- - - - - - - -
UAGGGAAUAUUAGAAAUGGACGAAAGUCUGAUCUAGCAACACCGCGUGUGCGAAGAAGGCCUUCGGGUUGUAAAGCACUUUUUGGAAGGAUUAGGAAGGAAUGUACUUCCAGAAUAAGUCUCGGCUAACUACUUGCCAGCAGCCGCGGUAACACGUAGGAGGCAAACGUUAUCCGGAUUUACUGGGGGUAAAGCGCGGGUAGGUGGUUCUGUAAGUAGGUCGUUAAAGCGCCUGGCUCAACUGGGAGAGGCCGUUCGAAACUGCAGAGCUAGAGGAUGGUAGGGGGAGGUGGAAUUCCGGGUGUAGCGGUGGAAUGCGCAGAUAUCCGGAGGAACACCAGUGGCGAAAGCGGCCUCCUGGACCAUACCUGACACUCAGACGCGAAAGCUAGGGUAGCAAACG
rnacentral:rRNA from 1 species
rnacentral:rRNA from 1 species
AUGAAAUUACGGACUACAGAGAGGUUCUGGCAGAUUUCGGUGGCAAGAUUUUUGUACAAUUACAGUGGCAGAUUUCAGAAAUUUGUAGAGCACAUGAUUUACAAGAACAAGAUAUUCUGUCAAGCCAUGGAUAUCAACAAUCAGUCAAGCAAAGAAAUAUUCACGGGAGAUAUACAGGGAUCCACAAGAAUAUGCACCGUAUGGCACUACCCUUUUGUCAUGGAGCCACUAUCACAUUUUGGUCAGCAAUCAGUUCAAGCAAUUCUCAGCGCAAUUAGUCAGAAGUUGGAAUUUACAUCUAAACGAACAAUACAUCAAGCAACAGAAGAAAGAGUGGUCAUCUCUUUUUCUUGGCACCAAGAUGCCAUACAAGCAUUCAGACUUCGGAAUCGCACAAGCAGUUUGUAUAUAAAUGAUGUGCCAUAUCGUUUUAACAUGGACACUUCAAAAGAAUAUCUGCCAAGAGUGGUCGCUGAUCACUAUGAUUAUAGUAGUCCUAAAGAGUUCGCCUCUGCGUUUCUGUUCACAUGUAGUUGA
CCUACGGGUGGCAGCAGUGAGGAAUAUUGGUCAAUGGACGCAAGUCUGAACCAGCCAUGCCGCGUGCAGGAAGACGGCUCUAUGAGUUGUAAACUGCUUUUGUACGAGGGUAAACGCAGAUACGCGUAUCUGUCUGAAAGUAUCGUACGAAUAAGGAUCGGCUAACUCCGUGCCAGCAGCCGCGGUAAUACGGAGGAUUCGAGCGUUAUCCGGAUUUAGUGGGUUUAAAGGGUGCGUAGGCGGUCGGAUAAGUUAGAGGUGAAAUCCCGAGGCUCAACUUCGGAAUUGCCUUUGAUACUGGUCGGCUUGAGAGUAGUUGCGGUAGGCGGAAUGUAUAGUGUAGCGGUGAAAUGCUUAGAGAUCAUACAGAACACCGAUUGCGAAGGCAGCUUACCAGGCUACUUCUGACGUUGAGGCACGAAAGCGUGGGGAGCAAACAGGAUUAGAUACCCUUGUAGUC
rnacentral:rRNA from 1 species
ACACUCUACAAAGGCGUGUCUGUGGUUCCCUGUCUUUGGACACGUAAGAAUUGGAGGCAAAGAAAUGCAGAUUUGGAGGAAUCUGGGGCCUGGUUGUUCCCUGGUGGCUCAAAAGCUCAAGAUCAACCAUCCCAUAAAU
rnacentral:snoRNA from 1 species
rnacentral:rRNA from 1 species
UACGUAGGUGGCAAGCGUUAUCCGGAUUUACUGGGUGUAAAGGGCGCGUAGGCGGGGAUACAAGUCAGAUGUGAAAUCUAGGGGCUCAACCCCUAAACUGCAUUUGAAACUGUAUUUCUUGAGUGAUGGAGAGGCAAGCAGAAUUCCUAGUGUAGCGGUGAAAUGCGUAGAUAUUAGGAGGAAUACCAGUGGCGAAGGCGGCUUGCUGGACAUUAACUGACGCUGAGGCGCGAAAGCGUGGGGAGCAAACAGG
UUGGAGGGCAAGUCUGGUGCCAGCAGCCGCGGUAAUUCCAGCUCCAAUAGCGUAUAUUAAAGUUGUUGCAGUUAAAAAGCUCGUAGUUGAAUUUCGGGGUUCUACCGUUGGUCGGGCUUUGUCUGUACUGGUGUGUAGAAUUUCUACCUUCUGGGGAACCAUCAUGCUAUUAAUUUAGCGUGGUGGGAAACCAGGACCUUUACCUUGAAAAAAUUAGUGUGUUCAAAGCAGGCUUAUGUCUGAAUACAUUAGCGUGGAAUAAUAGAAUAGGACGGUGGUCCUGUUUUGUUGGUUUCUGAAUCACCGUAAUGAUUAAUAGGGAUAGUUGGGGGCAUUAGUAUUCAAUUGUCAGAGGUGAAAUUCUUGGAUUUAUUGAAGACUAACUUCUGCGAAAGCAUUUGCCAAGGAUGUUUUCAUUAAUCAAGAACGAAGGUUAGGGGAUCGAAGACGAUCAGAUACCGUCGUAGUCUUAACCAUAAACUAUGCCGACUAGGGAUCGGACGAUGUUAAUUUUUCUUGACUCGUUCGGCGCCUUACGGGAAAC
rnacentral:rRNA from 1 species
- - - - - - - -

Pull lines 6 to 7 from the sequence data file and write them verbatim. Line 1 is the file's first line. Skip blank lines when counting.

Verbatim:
rnacentral:rRNA from 1 species
ACACUCUACAAAGGCGUGUCUGUGGUUCCCUGUCUUUGGACACGUAAGAAUUGGAGGCAAAGAAAUGCAGAUUUGGAGGAAUCUGGGGCCUGGUUGUUCCCUGGUGGCUCAAAAGCUCAAGAUCAACCAUCCCAUAAAU